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Sunday, August 7, 2016

Prime Farm Soils Not Protected in Landfill Battle

Reading about Riverbend Landfill's battle with LUBA over farmland, I find it ironic that real farm issues are not addressed.  Instead we are arguing about birds and whether or not the litter on surrounding fields came from trucks hauling to the landfill or the landfill itself.

First, landfills require millions of cubic yards of soil  for construction of the perimeter berms, daily cover and final cover. This dirt has to come from somewhere, but no one is asking “from where”, and Waste Management isn't talking.

You would think that with our statewide land use goals, a local comprehensive plan and zoning regulations,  saving our top soil would be a concern, but this issue has not been on the radar of the Yamhill County Planning Department, the Yamhill County Planning Commission, and the Yamhill County Commissioners, even though Riverbend Landfill TWICE mined soils outside of its permitted boundary and TWICE did so without the required permit from the Oregon Department of Geology and Mineral Industries (DOGAMI).

Waste Management has just evicted 70 families from the Mulkey RV park next to the landfill, so if one puts two and two together, we in Yamhill County just traded 70 affordable housing units for several more acres of valuable farmland topsoil to be mined.

This should have been obvious to the Yamhill County decision makers because the plans the County approved show an access road across wetlands and a flood plain to provide a link between the park and the dump.

by Leonard A. Rydell

Thursday, August 4, 2016

Waste Management Appeals LUBA Decision

As previously reported, the Stop the Dump Coalition and allies recently appealed the Land Use Board of Appeals (LUBA) decision, which delays landfill expansion yet again, to the Oregon Court of Appeals.  Now Waste Management has joined the fray by filing a counter appeal.  Waste Management (WM) is the Texas-based corporate owner of Riverbend Landfill.

The LUBA decision was split, with some issues decided in WM's favor and one big issue decided in favor of landfill opponents. 

Issues Decided in WM's Favor
Basically, LUBA ruled that WM could compensate neighboring farmers in cash for the harm landfill expansion will cause to their farms.  Because state law prohibits siting uses like landfills on land zoned for agriculture if the use will significantly harm even one farm, WM offered to pay farmers instead.  LUBA's ruling was the first time an Oregon court had ruled that money compensation could be used to "mitigate" significant harm.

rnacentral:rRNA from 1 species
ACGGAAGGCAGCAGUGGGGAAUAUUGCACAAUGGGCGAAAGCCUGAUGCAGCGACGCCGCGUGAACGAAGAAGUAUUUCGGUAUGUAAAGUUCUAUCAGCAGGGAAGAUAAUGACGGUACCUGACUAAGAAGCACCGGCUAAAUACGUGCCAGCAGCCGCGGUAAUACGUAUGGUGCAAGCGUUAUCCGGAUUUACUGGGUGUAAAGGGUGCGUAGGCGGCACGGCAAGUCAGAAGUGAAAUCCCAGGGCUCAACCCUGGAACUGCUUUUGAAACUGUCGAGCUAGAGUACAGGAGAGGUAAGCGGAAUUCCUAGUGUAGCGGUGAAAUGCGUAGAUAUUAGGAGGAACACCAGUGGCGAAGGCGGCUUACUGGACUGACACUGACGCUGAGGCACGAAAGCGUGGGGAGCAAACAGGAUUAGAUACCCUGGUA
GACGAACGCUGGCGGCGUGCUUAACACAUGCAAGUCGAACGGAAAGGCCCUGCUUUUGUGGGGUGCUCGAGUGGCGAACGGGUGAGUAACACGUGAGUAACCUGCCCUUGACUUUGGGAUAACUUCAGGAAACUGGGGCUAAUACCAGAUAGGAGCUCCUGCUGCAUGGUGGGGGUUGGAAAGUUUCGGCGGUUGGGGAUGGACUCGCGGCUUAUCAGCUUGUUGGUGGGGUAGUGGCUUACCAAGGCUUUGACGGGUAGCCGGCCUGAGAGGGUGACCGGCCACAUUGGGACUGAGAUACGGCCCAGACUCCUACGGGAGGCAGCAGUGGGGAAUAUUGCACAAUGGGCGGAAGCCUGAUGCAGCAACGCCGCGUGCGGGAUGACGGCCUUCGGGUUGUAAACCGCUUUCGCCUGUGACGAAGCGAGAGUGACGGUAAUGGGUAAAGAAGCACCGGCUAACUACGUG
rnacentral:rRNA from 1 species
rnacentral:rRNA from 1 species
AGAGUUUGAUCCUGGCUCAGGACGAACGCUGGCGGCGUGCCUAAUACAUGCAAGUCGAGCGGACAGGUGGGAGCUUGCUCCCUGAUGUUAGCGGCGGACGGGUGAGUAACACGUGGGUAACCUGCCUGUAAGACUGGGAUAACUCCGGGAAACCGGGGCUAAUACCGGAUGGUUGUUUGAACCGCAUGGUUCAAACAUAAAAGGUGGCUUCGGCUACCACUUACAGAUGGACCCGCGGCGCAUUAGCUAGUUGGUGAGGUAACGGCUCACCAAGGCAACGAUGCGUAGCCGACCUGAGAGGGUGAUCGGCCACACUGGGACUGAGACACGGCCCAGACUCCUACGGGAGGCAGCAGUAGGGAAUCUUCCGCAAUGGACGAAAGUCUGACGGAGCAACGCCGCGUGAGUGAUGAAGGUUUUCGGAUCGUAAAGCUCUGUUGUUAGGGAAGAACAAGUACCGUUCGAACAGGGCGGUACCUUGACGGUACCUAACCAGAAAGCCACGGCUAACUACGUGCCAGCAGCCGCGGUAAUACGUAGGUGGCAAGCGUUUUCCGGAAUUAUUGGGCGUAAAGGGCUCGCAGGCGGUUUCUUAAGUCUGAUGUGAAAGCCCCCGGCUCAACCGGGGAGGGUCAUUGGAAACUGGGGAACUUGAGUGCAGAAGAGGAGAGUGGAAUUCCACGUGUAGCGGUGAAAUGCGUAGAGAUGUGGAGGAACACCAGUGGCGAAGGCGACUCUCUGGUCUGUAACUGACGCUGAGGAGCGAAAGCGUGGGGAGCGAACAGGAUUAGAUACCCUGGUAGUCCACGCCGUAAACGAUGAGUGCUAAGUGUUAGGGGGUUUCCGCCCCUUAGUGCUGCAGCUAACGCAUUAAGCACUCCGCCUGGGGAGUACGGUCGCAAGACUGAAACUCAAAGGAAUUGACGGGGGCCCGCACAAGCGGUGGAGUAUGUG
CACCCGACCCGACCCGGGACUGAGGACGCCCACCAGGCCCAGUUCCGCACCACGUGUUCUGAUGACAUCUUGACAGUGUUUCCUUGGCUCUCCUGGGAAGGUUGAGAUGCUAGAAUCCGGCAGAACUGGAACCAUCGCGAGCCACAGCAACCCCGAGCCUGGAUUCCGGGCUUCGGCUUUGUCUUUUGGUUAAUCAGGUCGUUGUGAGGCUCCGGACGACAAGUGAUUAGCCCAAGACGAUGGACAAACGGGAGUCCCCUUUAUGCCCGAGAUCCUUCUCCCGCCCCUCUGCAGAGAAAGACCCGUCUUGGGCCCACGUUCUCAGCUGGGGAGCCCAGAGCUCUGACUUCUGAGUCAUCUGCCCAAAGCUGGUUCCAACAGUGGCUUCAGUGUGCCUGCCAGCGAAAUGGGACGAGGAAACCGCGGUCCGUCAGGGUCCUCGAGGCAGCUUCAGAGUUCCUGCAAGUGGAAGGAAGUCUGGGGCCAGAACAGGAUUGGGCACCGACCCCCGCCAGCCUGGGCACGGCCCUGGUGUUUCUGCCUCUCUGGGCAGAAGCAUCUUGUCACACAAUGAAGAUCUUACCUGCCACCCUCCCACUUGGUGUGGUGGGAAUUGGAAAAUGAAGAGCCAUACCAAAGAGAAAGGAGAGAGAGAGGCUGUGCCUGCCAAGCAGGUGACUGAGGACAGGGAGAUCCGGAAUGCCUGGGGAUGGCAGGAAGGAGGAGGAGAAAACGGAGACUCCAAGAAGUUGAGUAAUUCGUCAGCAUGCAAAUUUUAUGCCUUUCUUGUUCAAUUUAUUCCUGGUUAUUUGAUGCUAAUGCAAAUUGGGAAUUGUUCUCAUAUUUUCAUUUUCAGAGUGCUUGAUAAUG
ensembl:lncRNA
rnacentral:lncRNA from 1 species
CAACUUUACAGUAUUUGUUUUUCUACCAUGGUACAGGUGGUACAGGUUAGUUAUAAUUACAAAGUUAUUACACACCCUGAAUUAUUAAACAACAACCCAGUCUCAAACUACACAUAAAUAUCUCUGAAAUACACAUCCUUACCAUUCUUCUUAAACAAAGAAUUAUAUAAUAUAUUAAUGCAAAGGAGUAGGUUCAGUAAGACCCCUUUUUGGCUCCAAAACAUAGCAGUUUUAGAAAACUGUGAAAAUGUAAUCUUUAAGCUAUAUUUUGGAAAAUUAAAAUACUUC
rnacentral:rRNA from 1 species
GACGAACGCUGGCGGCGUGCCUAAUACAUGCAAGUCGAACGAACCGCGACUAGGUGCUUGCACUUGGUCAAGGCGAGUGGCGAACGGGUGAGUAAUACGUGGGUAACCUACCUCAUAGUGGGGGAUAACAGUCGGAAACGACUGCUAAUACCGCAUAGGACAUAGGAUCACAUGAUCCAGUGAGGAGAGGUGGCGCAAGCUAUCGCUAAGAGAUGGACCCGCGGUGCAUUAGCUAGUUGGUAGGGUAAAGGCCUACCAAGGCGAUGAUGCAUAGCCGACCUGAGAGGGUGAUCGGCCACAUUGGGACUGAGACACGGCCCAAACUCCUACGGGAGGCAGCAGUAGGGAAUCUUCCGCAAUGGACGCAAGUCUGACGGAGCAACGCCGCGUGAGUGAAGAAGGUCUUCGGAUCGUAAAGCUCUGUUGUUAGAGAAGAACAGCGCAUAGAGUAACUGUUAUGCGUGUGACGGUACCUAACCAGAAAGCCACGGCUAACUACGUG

LUBA found in favor of WM on other issues, too, citing farmers' failure to submit evidence opposing some of WM's contentions -- such as that litter that fouled nearby fields came from the working face, not trucks hauling garbage, or that a second litter fence would help reduce litter or that birds that damage neighboring fields would come to those farms even if the landfill closed.  In reaching each of these conclusions, LUBA ignored the fact that the County Board of Commissioners (BOC) refused to take evidence on these points.

Landfill opponents will likely ask the Court of Appeals to find that LUBA made mistakes in deciding these and other points in WM's favor.

Issue Decided Against WM
LUBA found that the BOC had misconstrued the process for determining whether the cumulative harmful effects of the proposed expansion on farms are significant.  LUBA implied that the expansion could cause significant cumulative harm even if individual impacts are not significant when considered one at a time.  LUBA told the BOC to rethink its decision that the expansion will not result in significant cumulative harm.  This is the issue WM is appealing.

According to Jeff Kleinman, attorney for expansion opponents, WM will have the option of filing a separate brief in support of its cross-appeal within 14 days after opponents file their brief (which is due August 18) or combining their arguments with their written response to opponents' brief.  A combined brief would not be due until 21 days after opponents file their brief.  In either case, opponents will have 7 days to respond to WM.

Friday, July 29, 2016

STOP THE DUMP COALITION Appeals Landfill Decision

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On July 8th, 2016, LUBA, the Oregon Land Use Board of Appeals, issued its second remand in less than 11 months of Yamhill County’s illegal approval of the expansion of Riverbend Landfill.  The remand returns the expansion to the County for further consideration.